Bietry founded the Federation Nationale des Jaunes de France (National Federation of Yellows of France) in 1902 and its political wing, the National Socialist Party, in 1903. Interestingly, this is the same term that Adolph Hitler used to define his political party, a name that was abbreviated as Nazi.
Because their goal was to elevate the worker through trade unions and a regulated economy, Yellow Socialists became anti-immigrant, fearing that an influx of foreign workers would take jobs from native-born citizens and keep wages low.
Finding himself attracted to the teachings of Edouard Drumont, Bietry incorporated his anti-Semitism into his party's platform, claiming that Jewish bankers were rigging the economy to oppress workers for financial profit. Yellow Socialists tended to also see Jews as the foreigner, within, that couldn't be trusted. Ironically, as a member of the French parliament, Bietry is most well known for his vigorous defense of Alfred Dreyfus, the French Jewish soldier falsely accused of treason and executed.
"Fascism reaffirms the State as the true reality of the individual."
- Benito Mussolini
The positions of Yellow Socialism became especially popular in Italy, where academics, authors and socialist activists, such as Enrico Corridini, promoted its views. Corridini, in his writings, expanded upon the philosophy of Yellow Socialism, with his concept of Proletarian Nations. These were countries that, because of their poverty, found themselves at the mercy of their stronger neighbors. The citizens of strong nations would rise, he argued, and dominate the countries around them. Thus, he justified imperialism as the right of stronger nations.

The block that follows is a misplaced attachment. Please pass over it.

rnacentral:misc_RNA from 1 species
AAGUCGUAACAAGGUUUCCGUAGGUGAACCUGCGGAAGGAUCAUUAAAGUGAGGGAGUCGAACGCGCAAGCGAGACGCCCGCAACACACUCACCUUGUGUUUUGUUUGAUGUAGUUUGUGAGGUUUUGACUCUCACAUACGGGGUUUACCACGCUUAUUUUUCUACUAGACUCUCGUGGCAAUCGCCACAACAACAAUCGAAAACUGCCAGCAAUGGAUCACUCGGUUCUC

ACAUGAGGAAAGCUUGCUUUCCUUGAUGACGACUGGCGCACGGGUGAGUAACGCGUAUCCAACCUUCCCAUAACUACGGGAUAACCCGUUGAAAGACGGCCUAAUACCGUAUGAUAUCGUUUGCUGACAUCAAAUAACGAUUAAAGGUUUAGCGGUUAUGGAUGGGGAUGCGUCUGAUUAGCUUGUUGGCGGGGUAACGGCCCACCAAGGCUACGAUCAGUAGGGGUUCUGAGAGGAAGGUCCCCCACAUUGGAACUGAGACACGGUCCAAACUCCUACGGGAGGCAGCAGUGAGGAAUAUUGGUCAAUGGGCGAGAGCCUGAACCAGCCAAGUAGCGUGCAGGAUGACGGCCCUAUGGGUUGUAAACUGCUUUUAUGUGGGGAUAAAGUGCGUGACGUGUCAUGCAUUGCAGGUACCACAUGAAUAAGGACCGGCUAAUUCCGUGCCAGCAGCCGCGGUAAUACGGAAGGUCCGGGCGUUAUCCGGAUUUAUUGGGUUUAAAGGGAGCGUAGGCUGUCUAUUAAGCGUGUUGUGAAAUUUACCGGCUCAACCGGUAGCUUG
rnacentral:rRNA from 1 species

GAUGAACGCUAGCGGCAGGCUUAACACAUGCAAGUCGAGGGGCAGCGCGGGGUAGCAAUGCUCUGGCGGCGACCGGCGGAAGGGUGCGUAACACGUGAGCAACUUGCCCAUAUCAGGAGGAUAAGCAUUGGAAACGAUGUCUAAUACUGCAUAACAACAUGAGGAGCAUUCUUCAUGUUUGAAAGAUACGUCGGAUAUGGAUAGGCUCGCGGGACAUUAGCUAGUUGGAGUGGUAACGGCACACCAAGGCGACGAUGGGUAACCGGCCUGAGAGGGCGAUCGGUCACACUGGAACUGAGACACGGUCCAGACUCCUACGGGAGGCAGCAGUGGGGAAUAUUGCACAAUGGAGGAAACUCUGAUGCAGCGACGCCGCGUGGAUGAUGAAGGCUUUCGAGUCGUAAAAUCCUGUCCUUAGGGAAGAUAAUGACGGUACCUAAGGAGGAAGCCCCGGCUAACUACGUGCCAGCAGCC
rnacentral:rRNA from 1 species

By 1910, Bietry and his National Socialist Party were fading from the French political scene, but his views continued to exert influence throughout Europe. Benito Mussolini considered both Bietry and Corridini as influential in the development of Fascism, as did the Fascist philosopher Giovanni Gentile.
"Fascism is a form of socialism, in fact, it is its most viable form."
- Giovanni Gentile
Following the collapse of the Soviet economy, Vladimir Lenin included market reforms and corporatist elements, similar to those of Yellow Socialism, into his New Economic Plan of 1921.
Today, we see the influence of Yellow Socialism most prominently in China and Russia where authoritarian rule is justified as the best way to regulate both the economy and workers for the strengthening of the nation and the well-being of its citizens.
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Samuel Griswold is a lifelong student of history and politics, whose studies have given him unique insights into the true nature of totalitarianism in all of its aspects... Fascism, Communism and Socialism. As an American Jew, who lost relatives in the Holocaust, he's lived by the pledges "Never Forget" and "Never Again." But, for him, these pledges mean to never let the policies that led to the Holocaust happen again. To prevent fascism from thriving, we must know how to see and define it. That is the purpose of FightingFascism.com, to draw attention and rally opposition to current fascist policies and governments.